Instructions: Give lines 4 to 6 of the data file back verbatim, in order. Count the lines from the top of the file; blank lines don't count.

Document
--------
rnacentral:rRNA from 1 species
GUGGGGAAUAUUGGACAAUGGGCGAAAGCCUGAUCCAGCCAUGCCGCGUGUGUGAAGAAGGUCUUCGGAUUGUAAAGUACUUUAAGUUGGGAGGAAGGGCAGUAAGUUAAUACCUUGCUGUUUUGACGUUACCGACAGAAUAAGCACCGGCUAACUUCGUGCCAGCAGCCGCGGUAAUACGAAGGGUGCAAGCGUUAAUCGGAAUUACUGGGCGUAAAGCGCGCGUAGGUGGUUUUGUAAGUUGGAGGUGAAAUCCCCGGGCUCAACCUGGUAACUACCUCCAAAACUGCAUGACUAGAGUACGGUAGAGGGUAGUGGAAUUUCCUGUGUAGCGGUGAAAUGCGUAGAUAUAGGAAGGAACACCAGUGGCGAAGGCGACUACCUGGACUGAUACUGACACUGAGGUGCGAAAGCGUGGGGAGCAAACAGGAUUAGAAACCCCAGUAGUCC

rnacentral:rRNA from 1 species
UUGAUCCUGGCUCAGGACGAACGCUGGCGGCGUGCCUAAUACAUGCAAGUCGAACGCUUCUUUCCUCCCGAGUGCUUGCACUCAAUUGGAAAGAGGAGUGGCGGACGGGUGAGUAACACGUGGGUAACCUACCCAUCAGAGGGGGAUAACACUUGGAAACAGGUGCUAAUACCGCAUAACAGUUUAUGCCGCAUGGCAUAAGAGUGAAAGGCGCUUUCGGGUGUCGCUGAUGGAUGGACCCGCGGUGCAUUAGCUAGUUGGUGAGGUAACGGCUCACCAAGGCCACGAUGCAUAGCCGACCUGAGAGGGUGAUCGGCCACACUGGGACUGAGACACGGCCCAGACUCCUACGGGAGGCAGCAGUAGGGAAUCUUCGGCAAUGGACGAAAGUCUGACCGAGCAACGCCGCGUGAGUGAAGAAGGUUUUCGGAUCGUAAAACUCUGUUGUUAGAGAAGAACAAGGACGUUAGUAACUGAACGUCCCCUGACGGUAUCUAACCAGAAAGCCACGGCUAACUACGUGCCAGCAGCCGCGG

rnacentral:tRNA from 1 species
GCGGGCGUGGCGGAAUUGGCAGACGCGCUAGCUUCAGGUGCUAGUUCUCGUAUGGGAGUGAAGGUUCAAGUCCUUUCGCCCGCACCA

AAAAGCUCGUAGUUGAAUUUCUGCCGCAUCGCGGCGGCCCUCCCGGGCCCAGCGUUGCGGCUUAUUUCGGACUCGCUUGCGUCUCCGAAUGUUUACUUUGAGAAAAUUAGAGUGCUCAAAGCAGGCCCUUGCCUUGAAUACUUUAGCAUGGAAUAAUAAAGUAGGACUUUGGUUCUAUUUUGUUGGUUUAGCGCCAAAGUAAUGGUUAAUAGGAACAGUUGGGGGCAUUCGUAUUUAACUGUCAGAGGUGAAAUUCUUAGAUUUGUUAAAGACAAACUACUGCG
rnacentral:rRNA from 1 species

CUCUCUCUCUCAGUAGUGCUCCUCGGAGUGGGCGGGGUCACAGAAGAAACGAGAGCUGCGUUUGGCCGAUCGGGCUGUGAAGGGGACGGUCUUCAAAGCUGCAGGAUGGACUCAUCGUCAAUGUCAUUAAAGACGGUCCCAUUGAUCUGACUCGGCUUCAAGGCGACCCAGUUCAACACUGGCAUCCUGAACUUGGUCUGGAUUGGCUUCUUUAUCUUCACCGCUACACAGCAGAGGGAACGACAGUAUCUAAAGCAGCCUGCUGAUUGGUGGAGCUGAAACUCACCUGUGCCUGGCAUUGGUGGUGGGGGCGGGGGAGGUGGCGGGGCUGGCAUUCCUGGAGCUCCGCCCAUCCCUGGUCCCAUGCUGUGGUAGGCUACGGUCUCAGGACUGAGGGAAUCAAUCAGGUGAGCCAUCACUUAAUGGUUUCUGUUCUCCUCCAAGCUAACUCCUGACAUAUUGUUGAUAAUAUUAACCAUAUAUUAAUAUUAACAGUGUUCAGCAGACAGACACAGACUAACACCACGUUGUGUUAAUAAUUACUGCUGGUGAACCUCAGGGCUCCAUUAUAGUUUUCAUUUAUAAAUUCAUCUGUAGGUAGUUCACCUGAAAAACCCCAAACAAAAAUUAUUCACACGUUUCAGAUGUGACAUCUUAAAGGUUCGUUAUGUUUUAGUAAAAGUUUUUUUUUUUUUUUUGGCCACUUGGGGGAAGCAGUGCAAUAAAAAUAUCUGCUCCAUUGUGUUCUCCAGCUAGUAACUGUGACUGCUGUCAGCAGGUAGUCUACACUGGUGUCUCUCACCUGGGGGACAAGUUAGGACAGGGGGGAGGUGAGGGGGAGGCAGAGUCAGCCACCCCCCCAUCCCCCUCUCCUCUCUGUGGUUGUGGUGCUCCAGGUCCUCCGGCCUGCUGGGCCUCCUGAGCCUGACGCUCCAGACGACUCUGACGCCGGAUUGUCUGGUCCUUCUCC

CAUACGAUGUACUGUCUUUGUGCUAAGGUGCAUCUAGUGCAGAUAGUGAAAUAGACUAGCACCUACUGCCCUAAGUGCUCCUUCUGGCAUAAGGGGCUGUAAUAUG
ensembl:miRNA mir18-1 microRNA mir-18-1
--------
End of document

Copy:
UUGAUCCUGGCUCAGGACGAACGCUGGCGGCGUGCCUAAUACAUGCAAGUCGAACGCUUCUUUCCUCCCGAGUGCUUGCACUCAAUUGGAAAGAGGAGUGGCGGACGGGUGAGUAACACGUGGGUAACCUACCCAUCAGAGGGGGAUAACACUUGGAAACAGGUGCUAAUACCGCAUAACAGUUUAUGCCGCAUGGCAUAAGAGUGAAAGGCGCUUUCGGGUGUCGCUGAUGGAUGGACCCGCGGUGCAUUAGCUAGUUGGUGAGGUAACGGCUCACCAAGGCCACGAUGCAUAGCCGACCUGAGAGGGUGAUCGGCCACACUGGGACUGAGACACGGCCCAGACUCCUACGGGAGGCAGCAGUAGGGAAUCUUCGGCAAUGGACGAAAGUCUGACCGAGCAACGCCGCGUGAGUGAAGAAGGUUUUCGGAUCGUAAAACUCUGUUGUUAGAGAAGAACAAGGACGUUAGUAACUGAACGUCCCCUGACGGUAUCUAACCAGAAAGCCACGGCUAACUACGUGCCAGCAGCCGCGG

rnacentral:tRNA from 1 species
GCGGGCGUGGCGGAAUUGGCAGACGCGCUAGCUUCAGGUGCUAGUUCUCGUAUGGGAGUGAAGGUUCAAGUCCUUUCGCCCGCACCA